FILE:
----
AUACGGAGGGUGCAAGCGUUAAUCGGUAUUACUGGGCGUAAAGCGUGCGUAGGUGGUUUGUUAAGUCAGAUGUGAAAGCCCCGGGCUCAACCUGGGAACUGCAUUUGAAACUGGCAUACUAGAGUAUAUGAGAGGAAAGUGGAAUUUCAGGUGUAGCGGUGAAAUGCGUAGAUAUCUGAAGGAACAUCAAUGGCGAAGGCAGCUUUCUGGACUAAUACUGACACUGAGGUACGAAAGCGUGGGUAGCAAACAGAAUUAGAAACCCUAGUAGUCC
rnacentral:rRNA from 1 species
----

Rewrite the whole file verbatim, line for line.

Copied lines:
AUACGGAGGGUGCAAGCGUUAAUCGGUAUUACUGGGCGUAAAGCGUGCGUAGGUGGUUUGUUAAGUCAGAUGUGAAAGCCCCGGGCUCAACCUGGGAACUGCAUUUGAAACUGGCAUACUAGAGUAUAUGAGAGGAAAGUGGAAUUUCAGGUGUAGCGGUGAAAUGCGUAGAUAUCUGAAGGAACAUCAAUGGCGAAGGCAGCUUUCUGGACUAAUACUGACACUGAGGUACGAAAGCGUGGGUAGCAAACAGAAUUAGAAACCCUAGUAGUCC
rnacentral:rRNA from 1 species